Countrymen fellow indie authors!
We are in a crisis. We have been selling ourselves short. Pricing our books at $0.99 just so we can get the impulse buys, driving the market down, forcing our fellow authors to do low prices as well just so they can compete.
This is all wrong.
If you’re publishing your book via Kindle you only get $0.3465 of that $0.99. Yeah. They take $0.6435. Sell a hundred copies and you’ve just made Amazon $64.35 and yourself $34.65 for a book that most likely took you a few years to write and countless sleepless nights.
Price it at $2.99 and your royalty jumps to 70% — $2.09 a book, while Amazon makes $0.90. Sell a hundred copies and suddenly you’ve made 209 dollars, while Amazon has made 90.
Which scenario makes more sense, here? Who should be getting the bulk of the money for your book? Amazon, who, yes, provides a valuable service but hasn’t done as much work on your book as you have and will still not promote it for you, or you, who’s written it, gotten it edited, found a cover design, formatted it, advertised it, sweated over it, lost sleep over it, and obsessed about it from conception to completion?
Bellica took me 13 years to complete. Why would I sell myself short? It’s worth $4.99 — hells, it’s worth more than that, but I had to drop the price to stay competitive.
Writing is now my full time job. This means that Bellica will remain that price for ebook format, and the paperback will remain $26.99. This means that The Jade Star of Athering will be $4.99 after the promo period price of $2.99; as will Dead Transgressions, Islands of Fire and Water, and any other novels I produce. Novellas and poetry collections will be slightly lower, but I will never drop my books below the price of $2.99.
If I drop the price below $2.99, not only am I telling myself that I’m not worth more than that, I’m telling potential readers that I don’t think I’m worth more than that — and if I don’t believe my writing is worth the price of a Starbucks beverage, why should anyone else?
Let me tell you something about $0.99 impulse buys. They don’t get read as much as the $2.99 books, or the $4.99 ones. I have a bunch of impulse buy books on my ebook readers; whether free or $0.99, I haven’t read half as many of them as I have of the $2.99-and-up ones. Because when I spent $2.99 or more on a book, I think I really should read it, because I spent more on it. That’s how the psychology works.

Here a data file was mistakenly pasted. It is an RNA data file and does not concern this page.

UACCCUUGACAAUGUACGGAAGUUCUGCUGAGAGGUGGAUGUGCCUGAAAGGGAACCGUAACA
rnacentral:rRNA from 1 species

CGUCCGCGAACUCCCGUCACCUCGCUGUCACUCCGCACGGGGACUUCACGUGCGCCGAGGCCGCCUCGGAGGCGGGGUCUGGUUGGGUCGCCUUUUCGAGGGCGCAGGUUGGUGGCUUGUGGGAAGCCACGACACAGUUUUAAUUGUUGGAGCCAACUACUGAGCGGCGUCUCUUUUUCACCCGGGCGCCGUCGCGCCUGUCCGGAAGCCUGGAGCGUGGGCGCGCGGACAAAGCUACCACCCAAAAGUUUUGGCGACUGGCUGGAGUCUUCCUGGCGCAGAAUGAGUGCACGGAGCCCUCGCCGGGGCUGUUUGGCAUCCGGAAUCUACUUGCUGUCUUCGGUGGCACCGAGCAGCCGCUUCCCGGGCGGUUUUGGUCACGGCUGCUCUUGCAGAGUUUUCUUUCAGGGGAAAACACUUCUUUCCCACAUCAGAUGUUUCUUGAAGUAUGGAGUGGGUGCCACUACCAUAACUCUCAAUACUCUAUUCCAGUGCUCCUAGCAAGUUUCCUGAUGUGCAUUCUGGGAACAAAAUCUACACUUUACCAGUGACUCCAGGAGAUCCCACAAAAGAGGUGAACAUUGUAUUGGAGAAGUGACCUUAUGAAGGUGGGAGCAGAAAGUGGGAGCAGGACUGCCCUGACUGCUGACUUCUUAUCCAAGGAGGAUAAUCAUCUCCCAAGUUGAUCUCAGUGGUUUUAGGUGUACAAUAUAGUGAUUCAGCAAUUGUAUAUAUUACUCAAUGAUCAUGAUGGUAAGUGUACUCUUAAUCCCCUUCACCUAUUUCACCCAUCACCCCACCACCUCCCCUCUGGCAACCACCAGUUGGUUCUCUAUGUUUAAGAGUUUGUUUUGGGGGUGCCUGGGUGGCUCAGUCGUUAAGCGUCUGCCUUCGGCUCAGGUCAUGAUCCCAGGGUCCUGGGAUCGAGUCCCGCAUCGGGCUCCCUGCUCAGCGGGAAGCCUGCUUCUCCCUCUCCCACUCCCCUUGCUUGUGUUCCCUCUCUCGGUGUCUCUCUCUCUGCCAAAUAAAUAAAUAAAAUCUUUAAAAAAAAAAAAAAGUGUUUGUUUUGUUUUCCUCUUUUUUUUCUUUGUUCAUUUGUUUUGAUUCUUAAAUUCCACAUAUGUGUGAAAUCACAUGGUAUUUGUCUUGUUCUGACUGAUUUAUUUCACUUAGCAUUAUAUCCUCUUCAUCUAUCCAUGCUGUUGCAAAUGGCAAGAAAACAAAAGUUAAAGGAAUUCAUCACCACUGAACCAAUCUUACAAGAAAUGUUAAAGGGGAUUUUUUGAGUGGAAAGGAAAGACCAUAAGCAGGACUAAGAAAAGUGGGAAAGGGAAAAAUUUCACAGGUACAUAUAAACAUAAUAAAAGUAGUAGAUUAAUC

I’d rather have 50 people buy my book and read it than 200 buy it and not read it. Not to mention, if I sell 50 at $4.99 I’ve made over twice as much than if I were to sell 200 at $0.99.
Stop the insanity. Price your books at what they’re worth. Drive the market back up. Just because we’re indie authors doesn’t mean we’re bad writers; many of us are downright excellent. Someday soon people are going to regard our books the same as they regard any other, and if they buy an indie book they dislike they won’t immediately paint all indie authors with the same brush.
If you’re worried that people won’t buy writing from an unknown quantity — an author they haven’t read before — which is a valid fear, because hey, I usually don’t because I’m broke and books are expensive, as they should be — if this is your worry, then start a blog for your writing. Post your poetry, your short fiction, whatever. Or start a blog for the first, say, 10 chapters of your novel (depending on how many chapters your novel has). Tell people these samples are out there, so they can go and read them and then make the decision. And have links to purchase your ebooks right there in plain sight.
Problem solved. You help drive the market back up to where it should be, and you set a price for what your book is worth — not what the masses of other indie authors think you should price it at.